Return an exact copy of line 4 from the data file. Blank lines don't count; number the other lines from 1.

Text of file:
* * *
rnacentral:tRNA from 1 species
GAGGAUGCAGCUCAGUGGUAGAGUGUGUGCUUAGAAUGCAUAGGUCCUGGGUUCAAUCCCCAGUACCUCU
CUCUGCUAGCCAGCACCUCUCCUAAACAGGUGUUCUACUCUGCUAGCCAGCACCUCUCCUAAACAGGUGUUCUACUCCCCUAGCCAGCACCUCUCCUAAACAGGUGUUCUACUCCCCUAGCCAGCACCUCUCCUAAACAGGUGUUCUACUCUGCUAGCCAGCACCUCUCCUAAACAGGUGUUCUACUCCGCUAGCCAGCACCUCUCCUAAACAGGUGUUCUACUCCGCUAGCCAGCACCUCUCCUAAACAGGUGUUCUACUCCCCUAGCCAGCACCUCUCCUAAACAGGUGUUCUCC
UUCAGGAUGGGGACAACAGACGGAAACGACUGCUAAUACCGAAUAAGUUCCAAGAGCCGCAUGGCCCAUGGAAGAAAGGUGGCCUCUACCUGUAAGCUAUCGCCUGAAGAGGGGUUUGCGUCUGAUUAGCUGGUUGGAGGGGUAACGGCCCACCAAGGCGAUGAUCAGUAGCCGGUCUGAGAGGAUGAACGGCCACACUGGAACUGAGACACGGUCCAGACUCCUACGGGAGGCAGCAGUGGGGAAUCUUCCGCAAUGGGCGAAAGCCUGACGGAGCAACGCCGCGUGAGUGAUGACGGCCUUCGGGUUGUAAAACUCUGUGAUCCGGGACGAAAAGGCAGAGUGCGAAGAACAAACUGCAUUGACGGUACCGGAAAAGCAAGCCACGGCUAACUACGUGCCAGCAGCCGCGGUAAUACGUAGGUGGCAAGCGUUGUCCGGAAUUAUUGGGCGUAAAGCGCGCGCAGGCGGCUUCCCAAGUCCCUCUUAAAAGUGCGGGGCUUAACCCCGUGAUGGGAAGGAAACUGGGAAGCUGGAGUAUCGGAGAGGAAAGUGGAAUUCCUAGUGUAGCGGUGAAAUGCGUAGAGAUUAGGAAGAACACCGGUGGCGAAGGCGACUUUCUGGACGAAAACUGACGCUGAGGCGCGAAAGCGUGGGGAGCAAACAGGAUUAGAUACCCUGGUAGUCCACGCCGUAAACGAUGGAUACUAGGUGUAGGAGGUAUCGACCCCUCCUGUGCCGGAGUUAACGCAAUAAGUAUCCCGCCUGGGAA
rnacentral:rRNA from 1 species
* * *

UUCAGGAUGGGGACAACAGACGGAAACGACUGCUAAUACCGAAUAAGUUCCAAGAGCCGCAUGGCCCAUGGAAGAAAGGUGGCCUCUACCUGUAAGCUAUCGCCUGAAGAGGGGUUUGCGUCUGAUUAGCUGGUUGGAGGGGUAACGGCCCACCAAGGCGAUGAUCAGUAGCCGGUCUGAGAGGAUGAACGGCCACACUGGAACUGAGACACGGUCCAGACUCCUACGGGAGGCAGCAGUGGGGAAUCUUCCGCAAUGGGCGAAAGCCUGACGGAGCAACGCCGCGUGAGUGAUGACGGCCUUCGGGUUGUAAAACUCUGUGAUCCGGGACGAAAAGGCAGAGUGCGAAGAACAAACUGCAUUGACGGUACCGGAAAAGCAAGCCACGGCUAACUACGUGCCAGCAGCCGCGGUAAUACGUAGGUGGCAAGCGUUGUCCGGAAUUAUUGGGCGUAAAGCGCGCGCAGGCGGCUUCCCAAGUCCCUCUUAAAAGUGCGGGGCUUAACCCCGUGAUGGGAAGGAAACUGGGAAGCUGGAGUAUCGGAGAGGAAAGUGGAAUUCCUAGUGUAGCGGUGAAAUGCGUAGAGAUUAGGAAGAACACCGGUGGCGAAGGCGACUUUCUGGACGAAAACUGACGCUGAGGCGCGAAAGCGUGGGGAGCAAACAGGAUUAGAUACCCUGGUAGUCCACGCCGUAAACGAUGGAUACUAGGUGUAGGAGGUAUCGACCCCUCCUGUGCCGGAGUUAACGCAAUAAGUAUCCCGCCUGGGAA